An integral part of the buying process at Deep Creek Lake is the home and property inspections. After the contract is executed, the agreed-upon inspections are then scheduled. All inspections must be completed within the agreed-upon timeframes in the contract. In our area, the inspections are typically completed within 14 to 21 days from the date of contract acceptance and done at the purchaser's expense. The inspections are performed by licensed professionals in each field of expertise to discover defects that might otherwise not be found by visual inspection. After each inspection is completed, a written report summarizing any defects is then provided to the purchasers. If the standard Property Inspections Addendum is used, the purchasers can then either void the contract or request the sellers make repairs before closing. If repairs are requested, the sellers have 5 days to respond from receipt of the request that they will either make all of the requested repairs, some of them, or none of the requested repairs. If the seller's response is that they only agree to make some or none of the requested repairs, the purchasers then have 2 days from the receipt of the seller's response to respond that is acceptable to them or void the contract. If there is a disagreement at this point, usually both parties, with the assistance of their REALTORS, use this time to work out some type of agreement. Below is a list of the common inspections available in the Deep Creek Lake area:
- Home Inspection
- Mold Inspection
- Water Bacteria
- Chimney Inspection
- Buffer Strip
- Hot Tub
- Septic Evaluation
- Termite/Wood Destroying Insects
A Home Inspection is an examination of the home's interior and exterior, performed by a licensed home inspector to ascertain its condition and to discover any mechanical or structural defects. This inspection covers the entire home, including but not limited to: appliances, mechanicals, windows, doors, fixtures, roof, siding, electric, and plumbing. The report describes the condition of these areas but does not guarantee future condition of these systems or components.
The most common form of mold testing is air sampling. Indoor and outdoor air are sampled, and their mold-spore levels are then compared and can determine if elevated conditions exist inside the home. If elevated conditions exist, the first step in mitigating is determining where moisture is coming into the home, since mold needs a source of water to grow. After the source is determined, then a professional mold remediation company is consulted to determine the next steps to mitigate and fix the problem.
Testing for radon in the air is accomplished using a device known as a radon canister, which is placed in the home over a period of time, usually 3 days. The canister is then sent to a laboratory for analysis. Some professional home inspectors can determine the results at their home lab. In Maryland, a radon air level above 4.0 pCi/l is recommended for corrective action.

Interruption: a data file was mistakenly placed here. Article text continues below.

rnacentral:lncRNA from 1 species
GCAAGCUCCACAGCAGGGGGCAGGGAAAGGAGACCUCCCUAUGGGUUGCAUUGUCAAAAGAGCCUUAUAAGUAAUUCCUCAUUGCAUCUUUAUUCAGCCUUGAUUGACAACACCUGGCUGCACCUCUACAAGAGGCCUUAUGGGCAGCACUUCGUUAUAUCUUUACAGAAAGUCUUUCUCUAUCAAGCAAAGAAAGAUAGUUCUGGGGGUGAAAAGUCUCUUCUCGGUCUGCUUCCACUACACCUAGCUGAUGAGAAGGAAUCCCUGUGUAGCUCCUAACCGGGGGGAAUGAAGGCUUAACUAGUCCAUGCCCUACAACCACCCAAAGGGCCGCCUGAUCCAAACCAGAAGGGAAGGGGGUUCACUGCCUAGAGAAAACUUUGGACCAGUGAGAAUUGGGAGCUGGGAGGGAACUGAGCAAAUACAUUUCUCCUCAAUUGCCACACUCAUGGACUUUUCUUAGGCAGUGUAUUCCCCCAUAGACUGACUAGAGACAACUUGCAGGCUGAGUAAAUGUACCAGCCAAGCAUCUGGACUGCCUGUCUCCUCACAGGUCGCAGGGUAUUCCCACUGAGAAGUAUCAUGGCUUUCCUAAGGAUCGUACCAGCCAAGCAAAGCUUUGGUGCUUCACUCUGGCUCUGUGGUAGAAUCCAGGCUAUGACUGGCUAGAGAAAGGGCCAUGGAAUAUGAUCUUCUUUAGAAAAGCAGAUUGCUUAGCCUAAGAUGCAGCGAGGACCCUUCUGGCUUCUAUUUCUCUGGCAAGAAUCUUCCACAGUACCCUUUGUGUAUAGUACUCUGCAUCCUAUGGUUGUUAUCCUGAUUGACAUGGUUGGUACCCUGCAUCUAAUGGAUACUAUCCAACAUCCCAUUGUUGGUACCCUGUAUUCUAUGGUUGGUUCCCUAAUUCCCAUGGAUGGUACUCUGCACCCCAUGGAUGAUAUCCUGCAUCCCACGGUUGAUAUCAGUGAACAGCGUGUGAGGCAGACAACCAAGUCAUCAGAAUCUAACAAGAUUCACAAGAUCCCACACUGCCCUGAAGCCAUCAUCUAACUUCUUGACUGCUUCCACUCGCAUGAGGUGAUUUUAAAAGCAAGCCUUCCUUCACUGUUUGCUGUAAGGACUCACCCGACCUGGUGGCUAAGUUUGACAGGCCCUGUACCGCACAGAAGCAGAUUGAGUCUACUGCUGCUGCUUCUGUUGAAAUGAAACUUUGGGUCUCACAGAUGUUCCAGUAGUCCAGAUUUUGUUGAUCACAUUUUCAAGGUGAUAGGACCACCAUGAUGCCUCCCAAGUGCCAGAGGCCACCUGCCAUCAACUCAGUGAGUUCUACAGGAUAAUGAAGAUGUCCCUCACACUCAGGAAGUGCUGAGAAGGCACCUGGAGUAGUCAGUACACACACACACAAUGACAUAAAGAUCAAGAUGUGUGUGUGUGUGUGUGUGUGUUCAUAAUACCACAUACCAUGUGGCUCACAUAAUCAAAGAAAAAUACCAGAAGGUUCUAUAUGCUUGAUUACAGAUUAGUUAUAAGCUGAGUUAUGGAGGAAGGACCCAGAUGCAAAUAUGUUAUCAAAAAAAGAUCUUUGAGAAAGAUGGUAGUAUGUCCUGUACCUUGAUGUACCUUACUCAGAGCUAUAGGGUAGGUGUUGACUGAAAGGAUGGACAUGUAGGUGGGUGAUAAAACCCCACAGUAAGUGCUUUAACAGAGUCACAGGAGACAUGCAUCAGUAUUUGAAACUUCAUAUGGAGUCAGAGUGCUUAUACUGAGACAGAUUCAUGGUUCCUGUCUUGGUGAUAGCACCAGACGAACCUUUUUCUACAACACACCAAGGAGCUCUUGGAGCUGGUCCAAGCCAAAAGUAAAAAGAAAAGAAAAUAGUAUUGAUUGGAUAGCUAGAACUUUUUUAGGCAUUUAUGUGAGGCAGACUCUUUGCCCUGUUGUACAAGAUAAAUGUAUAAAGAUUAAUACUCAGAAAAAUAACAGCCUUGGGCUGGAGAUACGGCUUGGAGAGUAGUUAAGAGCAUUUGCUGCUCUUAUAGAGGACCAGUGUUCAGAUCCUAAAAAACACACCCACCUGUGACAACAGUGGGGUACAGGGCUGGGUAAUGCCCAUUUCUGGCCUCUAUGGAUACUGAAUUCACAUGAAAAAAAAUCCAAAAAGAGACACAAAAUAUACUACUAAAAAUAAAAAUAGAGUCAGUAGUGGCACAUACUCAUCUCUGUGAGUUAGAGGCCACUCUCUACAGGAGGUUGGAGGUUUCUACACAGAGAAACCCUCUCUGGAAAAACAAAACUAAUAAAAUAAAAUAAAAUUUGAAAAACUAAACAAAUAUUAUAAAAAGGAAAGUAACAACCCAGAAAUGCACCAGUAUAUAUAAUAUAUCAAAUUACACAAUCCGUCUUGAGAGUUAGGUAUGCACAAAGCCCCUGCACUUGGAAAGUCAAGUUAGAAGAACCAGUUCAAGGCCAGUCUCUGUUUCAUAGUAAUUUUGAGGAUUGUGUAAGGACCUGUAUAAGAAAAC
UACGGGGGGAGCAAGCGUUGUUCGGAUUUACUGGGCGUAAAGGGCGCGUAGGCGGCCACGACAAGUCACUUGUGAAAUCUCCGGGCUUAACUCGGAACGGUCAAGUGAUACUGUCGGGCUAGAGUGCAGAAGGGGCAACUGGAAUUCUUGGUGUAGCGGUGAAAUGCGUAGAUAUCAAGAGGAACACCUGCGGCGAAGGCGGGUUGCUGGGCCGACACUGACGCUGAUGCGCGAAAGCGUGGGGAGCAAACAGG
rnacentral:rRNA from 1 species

A water bacteria test determines if the water is safe to drink. A sample is taken and then sent to a lab for e-coli and coliform bacteria testing. If either of these are present, typically the well and water lines are chlorinated to remove the bacteria.
A licensed chimney inspector will thoroughly examine the entire chimney and fireplace. This includes the hearth, firebox, damper, and flue. They will also inspect and test the gas insert if it's not a wood-burning fireplace.
If the house is lakefront, a representative from DNR will do a visual inspection of the buffer strip land. They will look for any violations such as un-permitted paths, fire pits, decks, sheds, or electrical light posts. The written report is also used as an eligibility letter for a buffer strip use permit, which provides written verification the property qualifies for a boat dock.
A licensed tech will do a visual and thorough examination of the mechanicals, tub, and cover, to check that all parts and features are in working order. They will also check the tub for leaks and make sure the cover is still in working order.
A survey is performed by a licensed surveyor for an assessment of the property's lines, to determine the exact amount of land owned, and to discover any easements or encroachments on a property. A house location drawing survey is generally satisfactory for the purposes of purchasing a house or refinancing but does not identify or mark the property lines and corners. A full boundary survey is a bit more expensive but will identify and mark the property lines and corners.
TVRU is the abbreviation for Transient Vacation Rental Unit. In Garrett County, all vacation rental homes located inside the Deep Creek Lake Watershed Zoning district must obtain a TVRU license to be able to rent. To obtain a TVRU license, a property must have the required number of parking spaces, a bear-proof trash container, an emergency exit plan, the posting of quiet hours, and a fire extinguisher. The county health department will also test for septic compliance and potable drinking water. Proper window egress will also be checked. Click here more information about renting your vacation home at Deep Creek Lake.
A septic evaluation occurs for properties not on public sewer. The inspector will put a blue dye in all water and disposal lines. After a period of time, the inspector will then walk the outside septic field and visually inspect to see if any of the blue dye is percolating upwards towards the ground surface.
The inspection for termites and wood-destroying insects is performed by a licensed exterminator. They will perform a visual inspection of the entire property for evidence of termites and other wood-destroying insects. Termites are possible in the Deep Creek area but rare because of our climate. Carpenter ants are much more common.